AKIPRESS.COM - Archaeologists in Mongolia are slowly unwrapping the mummy of a suspected ancient woman found preserved in the Altai Mountains, the media reports say.
So far only one hand and her feet in modern-looking boots are visible, but experts believe the find dates to around 1,500 years ago.
It also appears to be the first complete Turkic burial in Central Asia and the remains were found at an altitude of 9,200ft (2,803 metres), Daily Mail reported.
Researcher B.Sukhbaatar, from Khovd Museum, said: 'This person was not from the elite, and we believe it was likely a woman, because there is no bow in the tomb.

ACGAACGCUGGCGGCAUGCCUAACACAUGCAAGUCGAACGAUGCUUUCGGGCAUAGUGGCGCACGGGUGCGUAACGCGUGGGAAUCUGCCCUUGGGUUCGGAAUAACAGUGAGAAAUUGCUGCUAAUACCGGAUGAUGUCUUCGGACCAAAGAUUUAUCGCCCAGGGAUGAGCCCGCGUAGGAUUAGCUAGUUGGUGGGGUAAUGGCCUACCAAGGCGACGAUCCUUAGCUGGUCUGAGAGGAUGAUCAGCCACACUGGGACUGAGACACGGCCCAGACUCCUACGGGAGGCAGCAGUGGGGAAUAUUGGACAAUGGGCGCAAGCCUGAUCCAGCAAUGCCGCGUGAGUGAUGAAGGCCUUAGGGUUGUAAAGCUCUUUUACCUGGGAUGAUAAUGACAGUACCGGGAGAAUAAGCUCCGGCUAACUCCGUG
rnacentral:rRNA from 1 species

'Now we are carefully unwrapping the body, and once this is complete the specialists will be able to say more precisely about the gender.'
A host of possessions were found in the grave, offering a unique insight into life in Mongolia in around the 6th century AD. These included a saddle, bridle, clay vase, wooden bowl, trough, iron kettle, the remains of an entire horse, and ancient clothing.
There were also pillows, a sheep's head and felt travel bag in which were placed the whole back of a sheep, goat bones and small leather bag designed to carry a cup.
The first Turkic people occupied a region from Central Asia to Siberia from the 6th century BC.
The first mention of Turks was in a Chinese text that made reference to Turk tribes and Sogdians along the Silk Road.
The Turkic people developed their own alphabets, had their own language and are known for a number of symbols including wolves and the colour blue.
In fact, some reports claim the word Turquoise originates from the word Turkish.